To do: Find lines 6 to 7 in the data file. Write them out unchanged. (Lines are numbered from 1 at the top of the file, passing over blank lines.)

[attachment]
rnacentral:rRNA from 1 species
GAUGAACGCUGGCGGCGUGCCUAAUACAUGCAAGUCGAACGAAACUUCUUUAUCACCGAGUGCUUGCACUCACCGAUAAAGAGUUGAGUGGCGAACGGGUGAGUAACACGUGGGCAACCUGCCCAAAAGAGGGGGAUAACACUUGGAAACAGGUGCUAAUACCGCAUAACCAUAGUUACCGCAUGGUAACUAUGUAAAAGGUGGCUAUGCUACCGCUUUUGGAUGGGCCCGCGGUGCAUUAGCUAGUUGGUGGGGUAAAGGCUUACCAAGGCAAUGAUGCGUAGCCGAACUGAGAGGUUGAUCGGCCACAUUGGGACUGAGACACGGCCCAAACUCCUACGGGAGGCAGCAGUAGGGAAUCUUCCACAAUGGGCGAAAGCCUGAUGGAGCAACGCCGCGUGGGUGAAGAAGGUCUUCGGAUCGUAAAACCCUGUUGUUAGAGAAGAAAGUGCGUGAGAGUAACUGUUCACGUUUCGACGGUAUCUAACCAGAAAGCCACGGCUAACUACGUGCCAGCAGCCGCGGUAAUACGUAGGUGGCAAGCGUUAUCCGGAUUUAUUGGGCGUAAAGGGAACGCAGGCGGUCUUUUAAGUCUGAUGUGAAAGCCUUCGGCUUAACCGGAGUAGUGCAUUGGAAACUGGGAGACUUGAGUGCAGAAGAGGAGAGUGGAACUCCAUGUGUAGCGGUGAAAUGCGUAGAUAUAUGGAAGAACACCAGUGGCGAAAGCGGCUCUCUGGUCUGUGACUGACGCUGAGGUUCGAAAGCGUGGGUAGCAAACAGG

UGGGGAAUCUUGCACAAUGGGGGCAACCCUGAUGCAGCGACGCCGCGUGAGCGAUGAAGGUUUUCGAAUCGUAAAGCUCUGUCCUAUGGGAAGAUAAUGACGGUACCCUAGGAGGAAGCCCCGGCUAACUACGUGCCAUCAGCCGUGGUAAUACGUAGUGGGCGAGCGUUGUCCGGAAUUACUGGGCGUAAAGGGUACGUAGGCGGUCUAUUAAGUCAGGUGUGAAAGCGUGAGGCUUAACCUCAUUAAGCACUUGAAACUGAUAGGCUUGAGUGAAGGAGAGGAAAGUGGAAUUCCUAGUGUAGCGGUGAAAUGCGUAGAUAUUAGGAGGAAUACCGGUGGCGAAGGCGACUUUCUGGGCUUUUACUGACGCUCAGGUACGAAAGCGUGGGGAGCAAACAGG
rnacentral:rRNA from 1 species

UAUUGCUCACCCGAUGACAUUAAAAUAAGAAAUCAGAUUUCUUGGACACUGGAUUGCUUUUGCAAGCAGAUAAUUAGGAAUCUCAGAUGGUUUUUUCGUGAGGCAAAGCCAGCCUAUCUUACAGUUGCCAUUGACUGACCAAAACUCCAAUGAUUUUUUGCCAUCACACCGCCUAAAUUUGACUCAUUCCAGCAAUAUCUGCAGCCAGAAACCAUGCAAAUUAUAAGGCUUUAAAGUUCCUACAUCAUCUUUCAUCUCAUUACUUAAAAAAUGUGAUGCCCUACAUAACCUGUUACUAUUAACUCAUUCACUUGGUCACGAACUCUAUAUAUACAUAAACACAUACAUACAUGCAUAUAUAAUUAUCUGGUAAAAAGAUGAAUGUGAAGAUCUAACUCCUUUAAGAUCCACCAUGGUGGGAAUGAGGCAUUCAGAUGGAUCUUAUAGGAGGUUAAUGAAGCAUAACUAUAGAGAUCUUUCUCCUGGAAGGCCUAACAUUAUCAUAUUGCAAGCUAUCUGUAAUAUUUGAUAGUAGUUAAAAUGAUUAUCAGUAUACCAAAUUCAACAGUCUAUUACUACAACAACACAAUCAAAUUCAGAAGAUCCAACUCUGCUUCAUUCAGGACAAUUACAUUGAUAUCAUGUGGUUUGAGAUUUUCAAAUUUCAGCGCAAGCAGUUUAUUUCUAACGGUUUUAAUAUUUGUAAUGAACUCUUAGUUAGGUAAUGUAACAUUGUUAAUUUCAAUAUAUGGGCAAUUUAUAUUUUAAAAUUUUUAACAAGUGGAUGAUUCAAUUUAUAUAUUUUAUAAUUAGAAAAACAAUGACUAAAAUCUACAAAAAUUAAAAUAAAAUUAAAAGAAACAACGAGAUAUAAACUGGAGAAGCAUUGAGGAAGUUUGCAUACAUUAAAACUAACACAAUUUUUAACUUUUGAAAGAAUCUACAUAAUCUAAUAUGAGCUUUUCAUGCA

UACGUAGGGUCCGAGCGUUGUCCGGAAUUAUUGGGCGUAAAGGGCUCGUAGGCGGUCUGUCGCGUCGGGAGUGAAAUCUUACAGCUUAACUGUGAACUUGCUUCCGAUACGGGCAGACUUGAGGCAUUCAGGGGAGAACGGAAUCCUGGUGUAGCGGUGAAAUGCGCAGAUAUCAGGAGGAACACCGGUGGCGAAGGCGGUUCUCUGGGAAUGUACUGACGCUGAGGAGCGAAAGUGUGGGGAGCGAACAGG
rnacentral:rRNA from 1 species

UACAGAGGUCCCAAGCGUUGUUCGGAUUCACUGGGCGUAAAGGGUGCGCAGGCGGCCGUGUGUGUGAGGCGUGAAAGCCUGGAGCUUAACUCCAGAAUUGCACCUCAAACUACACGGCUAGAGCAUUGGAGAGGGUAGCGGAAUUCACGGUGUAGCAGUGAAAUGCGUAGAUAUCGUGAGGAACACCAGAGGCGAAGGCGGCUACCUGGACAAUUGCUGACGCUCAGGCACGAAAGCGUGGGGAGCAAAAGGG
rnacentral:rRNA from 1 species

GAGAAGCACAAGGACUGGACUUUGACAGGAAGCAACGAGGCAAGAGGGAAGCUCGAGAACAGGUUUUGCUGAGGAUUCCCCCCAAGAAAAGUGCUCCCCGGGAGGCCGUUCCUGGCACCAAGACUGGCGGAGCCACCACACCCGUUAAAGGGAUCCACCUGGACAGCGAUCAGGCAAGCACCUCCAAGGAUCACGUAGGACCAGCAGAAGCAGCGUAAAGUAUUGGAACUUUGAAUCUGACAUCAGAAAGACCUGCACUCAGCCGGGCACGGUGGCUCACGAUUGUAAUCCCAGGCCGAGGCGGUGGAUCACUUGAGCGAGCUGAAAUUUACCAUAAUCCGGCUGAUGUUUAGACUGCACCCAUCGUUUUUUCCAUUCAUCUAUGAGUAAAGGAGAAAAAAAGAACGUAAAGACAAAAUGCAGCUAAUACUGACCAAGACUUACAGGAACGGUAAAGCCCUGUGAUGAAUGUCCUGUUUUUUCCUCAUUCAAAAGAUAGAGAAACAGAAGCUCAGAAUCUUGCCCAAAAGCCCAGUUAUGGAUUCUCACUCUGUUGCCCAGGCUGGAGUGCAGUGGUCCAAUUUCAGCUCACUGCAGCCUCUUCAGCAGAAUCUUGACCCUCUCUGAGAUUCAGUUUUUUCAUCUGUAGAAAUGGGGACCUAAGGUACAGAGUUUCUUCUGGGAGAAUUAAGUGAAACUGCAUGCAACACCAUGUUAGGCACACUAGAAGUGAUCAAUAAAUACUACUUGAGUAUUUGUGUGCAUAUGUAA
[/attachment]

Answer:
UACGUAGGGUCCGAGCGUUGUCCGGAAUUAUUGGGCGUAAAGGGCUCGUAGGCGGUCUGUCGCGUCGGGAGUGAAAUCUUACAGCUUAACUGUGAACUUGCUUCCGAUACGGGCAGACUUGAGGCAUUCAGGGGAGAACGGAAUCCUGGUGUAGCGGUGAAAUGCGCAGAUAUCAGGAGGAACACCGGUGGCGAAGGCGGUUCUCUGGGAAUGUACUGACGCUGAGGAGCGAAAGUGUGGGGAGCGAACAGG
rnacentral:rRNA from 1 species